How to Plant and Grow a Sequoia Seedling

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Long-lived coastal redwoods are the world's tallest trees.
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Sequoia (Sequoia sempervirens) seedlings may be available as 1- to 2-gallon size nursery plants, or you can grow your own from seed. For such a large tree, reaching heights to 360 feet tall and 65 feet wide in nature, sequoia has small, light seeds. Although only around 15 percent of sequoia seeds are viable, sound seed germinates well. Sequoia, also called redwood or coast redwood, is suitable as a screen, street tree or specimen, and grows in U.S. Department of Agriculture plant hardiness zones 7 through 9. Planting and growing instructions for giant redwood (Sequoia gigantea) which grows in USDA zones 5 through 8, are similar.

Germinating Seeds

Plant the seeds soon after they're harvested. The seeds don't need pretreatment to germinate. Sow them 1 inch apart in 3-inch-deep, clean nursery flats with drainage holes in the bottom. Fill the flats with a mixture of equal parts peat moss and perlite. Cover the seeds with about 1/4 inch of potting mix, tamp it gently and water thoroughly. Place the flat in bright indirect light or partial shade and keep the potting mix moist but not soggy.

Transplanting Seedlings

After germination, continue to keep the potting mix moist because sequoia seedlings don't have root hairs and are vulnerable to drying out. Allow the seedlings to grow large enough to handle. Remove them from the seedling flat and transplant them into a 6-inch, clean pot that has drainage holes. Use a commercial soilless potting mix. Water the pot until water comes through the drainage holes. Continue the sequoia seedlings watering regularly. After about a month, gradually expose the seedlings to more sun each day until they are used to full sun. It should take about two weeks to complete this.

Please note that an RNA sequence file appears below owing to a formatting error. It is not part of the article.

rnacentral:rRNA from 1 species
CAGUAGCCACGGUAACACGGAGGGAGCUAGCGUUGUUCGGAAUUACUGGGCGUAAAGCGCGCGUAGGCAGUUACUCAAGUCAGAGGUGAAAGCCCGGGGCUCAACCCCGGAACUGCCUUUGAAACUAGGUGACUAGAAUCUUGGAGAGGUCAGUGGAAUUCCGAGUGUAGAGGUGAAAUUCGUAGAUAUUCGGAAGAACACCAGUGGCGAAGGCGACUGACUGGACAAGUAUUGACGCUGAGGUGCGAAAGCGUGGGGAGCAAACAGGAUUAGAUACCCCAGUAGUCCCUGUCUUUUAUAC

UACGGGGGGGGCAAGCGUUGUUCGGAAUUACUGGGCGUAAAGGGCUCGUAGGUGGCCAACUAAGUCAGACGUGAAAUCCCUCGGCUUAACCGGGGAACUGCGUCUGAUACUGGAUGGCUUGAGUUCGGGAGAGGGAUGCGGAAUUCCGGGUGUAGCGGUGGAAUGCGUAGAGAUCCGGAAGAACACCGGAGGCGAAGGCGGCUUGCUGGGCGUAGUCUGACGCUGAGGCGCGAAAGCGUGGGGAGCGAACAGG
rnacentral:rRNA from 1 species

Soil and Spacing

A sequoia prefers rich, moist, well-drained soils rich in organic matter and doesn't tolerate dry soil. A sequoia grow best in areas with cool summers and mild winters. With good conditions, sequoias grow quickly, often growing 3 to 5 feet in a year. Space the seedlings according to how you'll use them in your yard. For specimen trees, space them about 30 feet apart because they'll only grow 60 to 100 feet tall and 15 to 25 feet wide in a yard. If you're using them as a hedge or screen, space them more closely, 6 to 10 feet apart, depending on how quickly you want them to fill in. Plant sequoias in full sun.

Planting Depth and Hole Size

When your seedling has filled out the 6-inch pot with roots going through the entire potting mix, plant it in the ground. In mild winter climates, January is a favorable planting time. Otherwise, plant in spring after danger of frost has passed. Dig a hole slightly larger than the root ball size. Tap the seedling out of the pot, taking care to disturb the root ball as little as possible. Place the seedling in the planting hole so the top of its soil is level with the soil of the planting site. Build a berm to make a watering basin. Take soil from another garden area and make a raised ridge about 2 feet wide with the tree in the center. Water the tree thoroughly.

Water and Fertilizer

Throughout the life of the sequoia, water the tree regularly. Apply enough water to carry past the root zone. Use a soil probe to assess the moisture condition of the soil, if necessary. Sequoias have shallow root systems, usually only in the top 3 to 4 feet of soil, so they are vulnerable to drying out. In large trees, the roots can spread to more than 100 feet away, so extend the watering basin beyond the drip line of the tree as it grows. Apply a 6-inch-deep layer of organic mulch, such as straw or grass clippings, over the entire root zone of the tree, keeping it away from the tree trunk. Apply a fertilizer, such as controlled-release 15-9-12, once a year in January at the rate of 1 1/3 pounds per 100 square feet. Spread the fertilizer then water it in well. Cover young trees when frost is predicted.

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Cathryn Chaney

Cathryn Chaney has worked as a gardening writer since 2002. Her horticultural experience working in the nursery industry informs her garden articles, especially those dealing with arid landscaping and drought-tolerant gardening. Chaney also writes poetry, which has appears in "Woman's World" magazine and elsewhere. Chaney graduated from the University of Arizona in 1992 with a Bachelor of Arts in English.